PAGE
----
A Comparison of Information Technology in Supply Chains: U.S. Beef Industry and U.S. Food Industry

A Comparison of Information Technology in Supply Chains: U.S. Beef Industry and U.S. Food Industry

George N. Kenyon (Lamar University, USA) and Brian D. Neureuther (State University of New York at Plattsburgh, USA)
DOI: 10.4018/978-1-60566-974-8.ch007
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Historically, the growth of the beef industry has been hampered by the various entities (breeders, cowcalf producers, stockers, backgrounders, processors, etc..) within the beef industry’s supply chain. The primary obstacles to growth are the large number of participants in the upstream side of the supply chain and the lack of coordination between them. Over the last decade significant advances have been made in information and communication technologies. Many new companies have been founded to promote these technical advances. This research looks at both the upstream and downstream participants to determine the degree to which information technologies are currently being utilized and the degree to which these new technologies have driven performance improvements in the beef industry’s supply chain. We find through our survey that, by and large, the beef industry does not use information technologies to their benefit and that the US beef supply chain is not yet strategically poised to enable the use of these technologies.
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Introduction And Background

In a study of the U.S. beef industry and the use of information technology (IT) to enable the industry’s supply chain, Neureuther and Kenyon (2008) found that the beef industry is not using IT to any significant advantage except in the area of information collection. They further found that IT could enhance supply chain performance and integration, but the supply chain is not yet strategically poised to do so. They attributed this to several reasons:

  • 1.

    Beef in the U.S. is thought of as a commodity product

  • 2.

    The U.S. beef industry lacks a common vision and industry goals.

  • 3.

    The mentality of downstream partners in the supply chain constrains incentives and information movement to upper levels in the supply chain.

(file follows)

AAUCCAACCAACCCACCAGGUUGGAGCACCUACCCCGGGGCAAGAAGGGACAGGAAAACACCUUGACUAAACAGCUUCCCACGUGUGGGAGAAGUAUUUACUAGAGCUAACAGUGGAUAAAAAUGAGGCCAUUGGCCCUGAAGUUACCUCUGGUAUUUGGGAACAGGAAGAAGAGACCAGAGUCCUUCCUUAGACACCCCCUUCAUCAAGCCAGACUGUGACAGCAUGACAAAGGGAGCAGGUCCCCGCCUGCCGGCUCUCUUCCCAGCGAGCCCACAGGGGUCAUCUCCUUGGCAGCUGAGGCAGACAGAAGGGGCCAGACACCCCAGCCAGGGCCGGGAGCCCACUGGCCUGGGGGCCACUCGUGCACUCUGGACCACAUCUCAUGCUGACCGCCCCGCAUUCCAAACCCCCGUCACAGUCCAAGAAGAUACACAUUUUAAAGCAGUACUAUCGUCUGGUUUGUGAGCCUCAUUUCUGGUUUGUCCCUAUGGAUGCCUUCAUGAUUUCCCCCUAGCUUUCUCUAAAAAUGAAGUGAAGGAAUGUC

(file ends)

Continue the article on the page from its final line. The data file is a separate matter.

• 4.

    In addition, auction houses have developed into information clearinghouses for much of the information in the supply chain and few are using e-markets or e-commerce tools.

  • 5.

    Mistrust of internet usage dominates the industry where there is a feeling that small producers may be eliminated by adopting IT.

  • 6.

    Current supply chain entities partners perceive little or no benefit to moving their processes online with respect to cost savings in procurement.

Based on these findings, they made several recommendations for the beef industry in the area of IT use in the supply chain and with respect to infrastructure changes that will need to occur in order to enable the use of IT. A synopsis of the recommendation is found in Table 1.

Table 1.
Beef industry IT recommendations (Neureuther and Kenyon, 2008)
IT Usage
Increase the use of e-markets and e-commerce for auction houses in order to create visibility and reach, reduce transaction costs, and facilitate asset swap to achieve better utilization of key assets
Create tangible rewards for adherence to standards, such as contracts that require a higher price per pound for beef that meets an agreed upon level of supply and/or an agreed upon grade specification
The use of electronic data interchange (EDI) technologies (or even internet XML applications) to link animal record keeping information throughout the supply chain – from cow/calf producer to retailer – by individual animal
Begin enabling IT at the downstream partners and then pull usage to the upstream participants.
Coordination mechanisms need to be matched to the market structure in order to improve value
Better communication of consumer demands needs to occur throughout the supply chain
Better education of the typical rancher of supply chain management benefits, especially in the areas of coordination, vertical integration, and IT usage is a must

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